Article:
One day, Kate McQuillen was shopping at her local Home Depot, in the market for a six-inch pipe among other materials she needed for her work. As she made inquiries to an employee, the man looked at her and asked: “Lady, are you making a pipe bomb?”
“On one hand I could say ‘yes,'” says the Chicago-based artist, who finished an MFA in 2009 at Toronto’s York University. “I panicked and ran to the checkout but then, do I pay with cash or with credit? Credit can be traced.”
McQuillen — whose show “Backscatter” (an exploration of surveillance in the wake of 9-11) recently closed at the O’Born Contemporary gallery in Toronto — says in creating her works, she could easily become a terror suspect herself. The items she shopped for at Home Depot were for a pipe bomb — which she re-created by making a porcelain mould of it and then tearing one end, so it had the appearance of having exploded.
“My work is about the climate of suspicion we live in [and] I generally do a lot of research on improvised explosives. I wonder if this is drawing attention to myself — especially in light of Edward Snowden’s revelations.”
McQuillen’s Toronto show dovetailed with Snowden’s plight — the former National Security Agency (NSA) computer contractor who absconded with highly classified information revealing the magnitude of the U.S. government’s mass surveillance program.
However, McQuillen’s “Backscatter” work was actually triggered by stories she read in 2012 about the extent of the U.S. government’s wiretapping program. She was intrigued by its covert nature and the idea that the public “wasn’t really allowed to ask about these things.”
No checks on the NSA’s power
Of Snowden’s whistleblowing, McQuillen says she primarily felt relieved: “I’ve been questioning the freedom of thought and how terrorism is affecting our lives. When the Snowden story broke, I felt less like a conspiracy theorist.”
The artist says the lack of oversight over the NSA’s snooping program worries her.
“There must be some way they can do their job and find the information they need and not sweep up everyone’s information into some haystack they can sort through,” she points out.
“My bigger concern is that there are no checks on the amount of power they have. There’s no discussion of where the lines should be drawn and, we’re entrusting them to look for the right things.”
For her “Backscatter” exhibit, McQuillen used a process of pressure printing in which soft objects like clothing could be sent through a printer to produce a kind of X-ray image. She decided to run her clothes and underwear through with cut-out paper images of box cutters, knives and guns “hidden” in the clothing.
“I wanted to produce a body of work about my feelings concerning the extent of being under surveillance. I used my underwear to show the intimacy we’re having with the government,” says McQuillen. “They are seeing more of me than I want. I am a victim of surveillance. I feel vulnerable.”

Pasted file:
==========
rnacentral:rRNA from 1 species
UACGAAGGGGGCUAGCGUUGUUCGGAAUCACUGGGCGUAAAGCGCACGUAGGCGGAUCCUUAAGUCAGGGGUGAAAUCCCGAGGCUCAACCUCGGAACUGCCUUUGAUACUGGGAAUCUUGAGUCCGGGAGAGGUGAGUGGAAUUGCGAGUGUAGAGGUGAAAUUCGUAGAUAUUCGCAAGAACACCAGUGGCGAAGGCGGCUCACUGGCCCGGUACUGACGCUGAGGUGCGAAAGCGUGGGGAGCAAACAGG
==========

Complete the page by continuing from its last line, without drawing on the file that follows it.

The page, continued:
Analog vs. digital
Other images in the exhibit are in the shape of a human being but created with a composite of squares that resemble UPC codes. These are titled “Backscatter” in reference to the Backscatter X-ray body scan machines. The machine captures the radiation reflecting from a person and forms a 2D image.
“It’s the idea of the data trails we leave behind,” explains McQuillen.
For those works, she uses paint on a plate and runs that through a press in a process called mono printing. First, she uses razor blades to manipulate ink on the surface plate and then prints the image before cutting them into 4×4 inch squares. Lastly, she re-arranges the squares into a form, placing a negative human silhouette cut-out over them.
“Data is compiled to make a portrait of a person. They are using meta-data,” says McQuillen. “I’m doing the same but instead, using real paper and a printing press — which was the original mass disseminator of information as you might recall, i.e. Luther’s bible. It’s analog versus digital.”
McQuillen, who visits Canada often, credits two years at York with informing her practice.
“It made me realize how extreme things had become in the U.S.,” she observes. “Even going to federal buildings in downtown Chicago, you go through security and you have to hand over your electronic devices. These are government buildings which shouldn’t be fearful places. When I go back to Canada, it’s like a sigh of relief to be in a place that’s less crazy.”
This year, however, terrorism became real again in the U.S. with the bombings at the Boston Marathon. It’s McQuillen’s hometown.
“My life has been touched by terrorist events. My first experience of terrorism was actually the 1993 bombing at the World Trade Center. My older brother was working there and it took a few hours to find out if he was OK. In Boston, one of my sister’s friends ended up losing her foot… but she’s has been amazing, she’s doing really well.”
McQuillen says despite having had personal connections to these incidents, she insists on taking a “practical” look at terrorism.
“In this story of terrorism, there have only been a few actual attacks on American soil in the past decade. More than 3,000 people have died in terrorism-related incidents here since 9-11 but you look at gun violence and in Chicago alone, 400 to 500 people die every year. Where are the priorities?”
Some of McQuillen’s work will be featured at O’Born’s booth (#1012) at Art Toronto, running from Oct. 25 to 28, and her pieces are also available through the Art Gallery of Ontario’s Sales and Rentals Department.
If you’re wondering how she purchased her items at Home Depot — she paid with cash.
June Chua is a Toronto-based journalist who regularly writes about the arts for rabble.ca.
Images: Kate McQuillen/O’Born Contemporary